Since all data used in this analysis are routinely collected on all patients cared for by clinicians in the employer-sponsored health centers, this study was exempt from IRB approval.
Care Delivery Model
Crossover Health has been providing patient-centered outpatient primary care integrated with physical therapy, chiropractic services, health coaching, massage therapy, and behavioral health for corporate clients since 2011. Acupuncture was included in the offering in 2012 and is now provided in 13 onsite and near-site health centers in locations across North America. The model of integrated care includes several key elements (e.g., provider mix and center design, care coordination processes, technology, provider payments, etc.) designed to remove barriers to accessing services and improve communication and coordination among all providers.
Provider Mix and Center Design
Our model of care consists of groups of providers, each working within their own sub-specialty while referring and collaborating closely with other team members. The close relationship among the team members coupled with unique facility design that co-locates all providers is the “secret sauce” of our integrated care delivery model. (Figure 1 previously published in the Journal of Occupational and Environmental Medicine.5)
Figure 1. Schematic of the physical space design that integrates primary care, behavioral health, physical medicine, acupuncture, and other outpatient services at employer-sponsored clinics. (Note: This schematic depicts the design of the physical space of the integrated clinics.) The central “Bullpen” is a large open seating area where physical therapists (green) sit alongside chiropractors (chartreuse), acupuncturists (aqua), primary care providers (orange), behavioral health providers (blue), optometrists (gray), and others (e.g., health coaches, dieticians, nurses). Around the Bullpen are smaller rooms, customized for each provider type for private discussion (Note: The colors of the providers’ clothing in the Bullpen represent the specialties depicted in the floor plan schematic). There are also areas with shared supplies, medications, and laboratory/other equipment.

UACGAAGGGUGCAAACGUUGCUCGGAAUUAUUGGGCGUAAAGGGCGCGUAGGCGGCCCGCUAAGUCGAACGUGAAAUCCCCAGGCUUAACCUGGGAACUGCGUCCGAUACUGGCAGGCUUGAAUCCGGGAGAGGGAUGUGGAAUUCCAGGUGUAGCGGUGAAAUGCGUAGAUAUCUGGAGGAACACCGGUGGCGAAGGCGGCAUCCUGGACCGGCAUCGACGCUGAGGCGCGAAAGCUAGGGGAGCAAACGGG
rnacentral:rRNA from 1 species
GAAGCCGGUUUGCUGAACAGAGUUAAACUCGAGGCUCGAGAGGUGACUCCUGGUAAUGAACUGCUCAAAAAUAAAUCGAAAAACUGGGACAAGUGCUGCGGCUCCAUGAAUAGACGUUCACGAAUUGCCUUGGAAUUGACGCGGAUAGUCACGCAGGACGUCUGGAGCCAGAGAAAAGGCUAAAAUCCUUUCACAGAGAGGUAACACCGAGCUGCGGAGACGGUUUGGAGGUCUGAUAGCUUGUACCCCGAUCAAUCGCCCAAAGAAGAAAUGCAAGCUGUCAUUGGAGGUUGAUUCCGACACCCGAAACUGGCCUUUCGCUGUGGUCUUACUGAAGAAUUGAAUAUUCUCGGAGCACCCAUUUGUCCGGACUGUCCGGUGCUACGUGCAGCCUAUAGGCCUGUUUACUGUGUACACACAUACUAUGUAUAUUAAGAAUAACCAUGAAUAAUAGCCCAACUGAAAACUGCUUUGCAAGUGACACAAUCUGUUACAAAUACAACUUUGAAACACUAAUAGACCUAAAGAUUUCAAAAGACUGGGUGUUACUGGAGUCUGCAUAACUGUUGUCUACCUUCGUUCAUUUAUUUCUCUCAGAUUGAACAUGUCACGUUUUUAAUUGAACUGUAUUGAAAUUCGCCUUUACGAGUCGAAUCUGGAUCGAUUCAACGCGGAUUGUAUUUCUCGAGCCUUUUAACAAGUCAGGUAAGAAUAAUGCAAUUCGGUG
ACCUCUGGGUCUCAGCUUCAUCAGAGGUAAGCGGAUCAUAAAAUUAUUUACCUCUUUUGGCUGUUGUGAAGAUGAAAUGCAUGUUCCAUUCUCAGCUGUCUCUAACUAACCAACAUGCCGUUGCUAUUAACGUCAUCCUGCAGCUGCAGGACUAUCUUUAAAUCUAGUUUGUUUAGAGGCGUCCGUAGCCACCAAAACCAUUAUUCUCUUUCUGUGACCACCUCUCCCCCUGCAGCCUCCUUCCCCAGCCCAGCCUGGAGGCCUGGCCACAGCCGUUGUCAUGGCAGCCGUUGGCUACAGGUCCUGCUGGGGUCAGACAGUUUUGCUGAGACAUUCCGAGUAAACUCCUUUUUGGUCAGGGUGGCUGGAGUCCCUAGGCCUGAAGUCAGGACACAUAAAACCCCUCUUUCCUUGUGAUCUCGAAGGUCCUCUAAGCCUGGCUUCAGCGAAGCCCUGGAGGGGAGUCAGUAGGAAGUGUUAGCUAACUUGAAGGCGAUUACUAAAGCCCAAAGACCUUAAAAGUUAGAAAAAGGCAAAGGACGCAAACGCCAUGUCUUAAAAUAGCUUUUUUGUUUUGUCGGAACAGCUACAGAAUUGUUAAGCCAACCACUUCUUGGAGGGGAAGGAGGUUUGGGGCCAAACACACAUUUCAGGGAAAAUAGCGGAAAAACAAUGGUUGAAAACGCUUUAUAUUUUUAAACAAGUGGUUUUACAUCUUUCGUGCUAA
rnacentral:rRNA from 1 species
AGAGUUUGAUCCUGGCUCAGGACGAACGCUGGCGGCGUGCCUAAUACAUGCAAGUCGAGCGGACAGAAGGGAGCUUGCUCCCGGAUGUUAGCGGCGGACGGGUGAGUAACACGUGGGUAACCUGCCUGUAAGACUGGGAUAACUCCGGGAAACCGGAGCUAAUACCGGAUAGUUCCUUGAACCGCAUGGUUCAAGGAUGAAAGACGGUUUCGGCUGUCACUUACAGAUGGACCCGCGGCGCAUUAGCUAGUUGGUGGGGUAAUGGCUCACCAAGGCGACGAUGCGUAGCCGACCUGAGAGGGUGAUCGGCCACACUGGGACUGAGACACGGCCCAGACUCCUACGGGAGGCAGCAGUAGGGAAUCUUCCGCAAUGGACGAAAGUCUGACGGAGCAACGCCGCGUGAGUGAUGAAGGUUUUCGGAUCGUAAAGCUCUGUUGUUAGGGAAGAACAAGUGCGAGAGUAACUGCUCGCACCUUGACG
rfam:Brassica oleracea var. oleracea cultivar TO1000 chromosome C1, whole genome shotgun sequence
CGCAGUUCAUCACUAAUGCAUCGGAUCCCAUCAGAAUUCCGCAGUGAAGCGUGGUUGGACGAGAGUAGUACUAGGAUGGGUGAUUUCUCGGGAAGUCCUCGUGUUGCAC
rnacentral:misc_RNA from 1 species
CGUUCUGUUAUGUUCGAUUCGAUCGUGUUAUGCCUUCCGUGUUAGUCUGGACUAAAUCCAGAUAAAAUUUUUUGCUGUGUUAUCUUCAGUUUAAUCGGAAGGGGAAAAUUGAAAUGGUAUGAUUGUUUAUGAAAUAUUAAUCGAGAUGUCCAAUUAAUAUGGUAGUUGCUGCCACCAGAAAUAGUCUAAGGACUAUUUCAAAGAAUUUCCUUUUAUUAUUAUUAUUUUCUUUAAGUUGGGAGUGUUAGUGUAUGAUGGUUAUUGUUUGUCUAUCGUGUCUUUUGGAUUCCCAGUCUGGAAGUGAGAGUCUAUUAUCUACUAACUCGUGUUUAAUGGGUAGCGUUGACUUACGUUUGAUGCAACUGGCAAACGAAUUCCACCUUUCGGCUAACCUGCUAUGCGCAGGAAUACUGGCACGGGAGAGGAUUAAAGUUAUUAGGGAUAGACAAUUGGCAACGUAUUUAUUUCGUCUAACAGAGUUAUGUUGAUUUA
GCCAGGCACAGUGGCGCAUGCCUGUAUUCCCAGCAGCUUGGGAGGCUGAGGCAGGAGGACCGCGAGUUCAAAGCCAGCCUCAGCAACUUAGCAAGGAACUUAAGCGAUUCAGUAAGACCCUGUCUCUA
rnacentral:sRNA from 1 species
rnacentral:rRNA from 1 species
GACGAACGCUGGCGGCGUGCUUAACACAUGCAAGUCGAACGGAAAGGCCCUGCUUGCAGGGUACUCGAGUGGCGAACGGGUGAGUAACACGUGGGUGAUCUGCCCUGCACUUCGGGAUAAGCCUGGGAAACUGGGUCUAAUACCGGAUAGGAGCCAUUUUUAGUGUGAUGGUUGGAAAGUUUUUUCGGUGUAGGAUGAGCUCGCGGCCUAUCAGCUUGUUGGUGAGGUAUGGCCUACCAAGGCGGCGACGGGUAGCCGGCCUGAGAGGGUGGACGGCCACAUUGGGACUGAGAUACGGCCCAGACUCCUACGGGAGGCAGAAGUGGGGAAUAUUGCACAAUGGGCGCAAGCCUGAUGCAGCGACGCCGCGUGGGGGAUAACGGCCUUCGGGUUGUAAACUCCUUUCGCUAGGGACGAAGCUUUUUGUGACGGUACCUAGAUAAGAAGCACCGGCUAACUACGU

The strength of this integrative model lies in the ability for different providers to effectively communicate and collaborate on a daily basis on each case to understand each other’s strengths, refer when appropriate, and continually educate each other and our patients about our different disciplines and approaches to health. Co-delivered group classes on topics such as posture basics, mindfulness, fertility education, mindful eating, and diabetes prevention are offered by integrated clinical staff. Patient outreach events, such as lunch-and-learns and educational webinars, are additional services we jointly provide to effectively reach our member base.
Care Coordination Processes
Within the care team, the primary care providers “quarterback” much of the care, coordinating the majority of external specialist referrals and lab draws and providing medication management. However, many patients’ first experience at the clinic occurs via an ancillary service, such as acupuncture, physical therapy, or behavioral health, whereupon those providers may offer referrals to other team members. The “warm hand-off” experience, where one provider physically introduces a patient to a new provider on their care team, is a particularly powerful way to support a patient’s sense of continuity of care.